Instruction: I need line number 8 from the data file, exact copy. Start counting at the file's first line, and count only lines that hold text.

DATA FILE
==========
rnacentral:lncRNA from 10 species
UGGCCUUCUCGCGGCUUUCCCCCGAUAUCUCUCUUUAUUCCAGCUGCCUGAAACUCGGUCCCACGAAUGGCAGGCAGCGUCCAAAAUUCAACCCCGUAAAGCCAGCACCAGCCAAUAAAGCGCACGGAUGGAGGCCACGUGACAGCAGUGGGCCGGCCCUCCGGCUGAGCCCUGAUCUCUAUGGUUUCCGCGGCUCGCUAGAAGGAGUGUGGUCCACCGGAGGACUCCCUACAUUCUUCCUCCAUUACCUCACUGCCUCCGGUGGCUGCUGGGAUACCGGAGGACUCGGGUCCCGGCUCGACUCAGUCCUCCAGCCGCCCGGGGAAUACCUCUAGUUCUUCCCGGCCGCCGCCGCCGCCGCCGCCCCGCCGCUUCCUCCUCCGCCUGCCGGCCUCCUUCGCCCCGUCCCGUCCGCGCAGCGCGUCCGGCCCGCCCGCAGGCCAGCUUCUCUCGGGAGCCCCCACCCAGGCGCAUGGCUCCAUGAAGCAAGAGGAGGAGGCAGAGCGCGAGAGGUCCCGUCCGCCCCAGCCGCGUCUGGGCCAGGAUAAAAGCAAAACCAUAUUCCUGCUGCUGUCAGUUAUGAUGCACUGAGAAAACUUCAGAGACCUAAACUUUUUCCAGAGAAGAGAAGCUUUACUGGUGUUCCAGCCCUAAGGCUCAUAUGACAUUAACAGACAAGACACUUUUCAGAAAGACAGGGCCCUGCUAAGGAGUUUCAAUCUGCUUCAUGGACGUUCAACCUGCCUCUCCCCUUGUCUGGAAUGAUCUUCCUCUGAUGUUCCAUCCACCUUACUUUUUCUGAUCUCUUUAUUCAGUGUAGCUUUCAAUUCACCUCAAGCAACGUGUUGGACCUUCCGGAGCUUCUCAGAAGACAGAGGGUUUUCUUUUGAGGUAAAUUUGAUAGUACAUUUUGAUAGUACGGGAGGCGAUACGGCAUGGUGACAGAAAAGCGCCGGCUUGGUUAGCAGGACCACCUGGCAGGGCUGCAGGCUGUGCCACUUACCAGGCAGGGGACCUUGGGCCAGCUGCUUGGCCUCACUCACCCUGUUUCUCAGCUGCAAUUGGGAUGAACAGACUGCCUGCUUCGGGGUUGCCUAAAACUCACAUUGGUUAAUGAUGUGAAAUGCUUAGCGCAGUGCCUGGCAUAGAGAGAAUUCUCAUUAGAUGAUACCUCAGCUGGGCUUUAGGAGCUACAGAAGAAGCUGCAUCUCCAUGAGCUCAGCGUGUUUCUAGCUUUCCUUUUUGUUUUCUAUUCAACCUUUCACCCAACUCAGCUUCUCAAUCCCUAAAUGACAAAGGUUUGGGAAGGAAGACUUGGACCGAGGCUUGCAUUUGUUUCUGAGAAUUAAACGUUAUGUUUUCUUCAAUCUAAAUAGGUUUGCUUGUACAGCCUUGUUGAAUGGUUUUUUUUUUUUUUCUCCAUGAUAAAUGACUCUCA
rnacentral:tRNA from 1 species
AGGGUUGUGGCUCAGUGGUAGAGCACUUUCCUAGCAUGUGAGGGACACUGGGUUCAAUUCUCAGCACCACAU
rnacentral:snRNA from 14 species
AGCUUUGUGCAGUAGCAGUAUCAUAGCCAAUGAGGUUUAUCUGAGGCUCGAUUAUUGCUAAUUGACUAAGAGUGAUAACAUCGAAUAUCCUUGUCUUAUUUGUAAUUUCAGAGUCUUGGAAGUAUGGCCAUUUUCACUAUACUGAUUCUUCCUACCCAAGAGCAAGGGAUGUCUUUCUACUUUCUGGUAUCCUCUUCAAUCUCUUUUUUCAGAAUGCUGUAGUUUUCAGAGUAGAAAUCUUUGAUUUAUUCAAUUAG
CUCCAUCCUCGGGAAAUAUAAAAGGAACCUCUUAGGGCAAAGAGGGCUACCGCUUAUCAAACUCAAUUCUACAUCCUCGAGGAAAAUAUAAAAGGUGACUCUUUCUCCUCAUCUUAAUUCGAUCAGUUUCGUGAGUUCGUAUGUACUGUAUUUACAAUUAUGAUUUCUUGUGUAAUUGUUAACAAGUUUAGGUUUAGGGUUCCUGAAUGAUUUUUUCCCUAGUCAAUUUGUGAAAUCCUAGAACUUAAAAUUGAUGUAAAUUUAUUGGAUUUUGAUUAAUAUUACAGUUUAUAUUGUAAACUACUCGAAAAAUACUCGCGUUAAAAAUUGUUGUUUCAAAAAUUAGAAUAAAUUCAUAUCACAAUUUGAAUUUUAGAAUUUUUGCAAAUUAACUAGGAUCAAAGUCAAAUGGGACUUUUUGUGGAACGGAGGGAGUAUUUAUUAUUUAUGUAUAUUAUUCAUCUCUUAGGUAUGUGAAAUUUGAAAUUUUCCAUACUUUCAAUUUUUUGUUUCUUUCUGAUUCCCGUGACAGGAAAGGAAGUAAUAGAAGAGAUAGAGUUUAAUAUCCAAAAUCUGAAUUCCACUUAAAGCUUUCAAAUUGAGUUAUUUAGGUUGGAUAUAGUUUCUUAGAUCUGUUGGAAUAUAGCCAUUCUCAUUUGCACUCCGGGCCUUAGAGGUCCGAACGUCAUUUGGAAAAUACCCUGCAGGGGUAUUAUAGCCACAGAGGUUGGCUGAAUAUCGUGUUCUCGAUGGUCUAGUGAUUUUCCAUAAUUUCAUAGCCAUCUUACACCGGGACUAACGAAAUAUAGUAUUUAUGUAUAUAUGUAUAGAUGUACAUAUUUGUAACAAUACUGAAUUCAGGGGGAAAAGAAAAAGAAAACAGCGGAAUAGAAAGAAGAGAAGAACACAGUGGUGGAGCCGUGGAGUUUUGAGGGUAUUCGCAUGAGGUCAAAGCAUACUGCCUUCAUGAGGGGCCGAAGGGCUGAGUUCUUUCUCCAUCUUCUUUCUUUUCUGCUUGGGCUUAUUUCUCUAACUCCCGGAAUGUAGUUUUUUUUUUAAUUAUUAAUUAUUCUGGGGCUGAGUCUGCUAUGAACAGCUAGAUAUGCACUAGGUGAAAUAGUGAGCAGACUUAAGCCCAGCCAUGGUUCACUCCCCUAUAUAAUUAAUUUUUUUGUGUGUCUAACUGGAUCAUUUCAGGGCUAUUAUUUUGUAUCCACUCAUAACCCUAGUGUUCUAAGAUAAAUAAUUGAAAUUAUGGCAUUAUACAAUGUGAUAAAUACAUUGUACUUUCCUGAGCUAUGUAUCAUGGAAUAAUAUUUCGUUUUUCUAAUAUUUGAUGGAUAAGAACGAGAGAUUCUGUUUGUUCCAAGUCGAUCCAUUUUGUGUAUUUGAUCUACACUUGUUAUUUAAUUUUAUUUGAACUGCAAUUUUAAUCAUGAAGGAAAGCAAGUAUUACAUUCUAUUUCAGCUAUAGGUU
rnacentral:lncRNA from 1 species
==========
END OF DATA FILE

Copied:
rnacentral:lncRNA from 1 species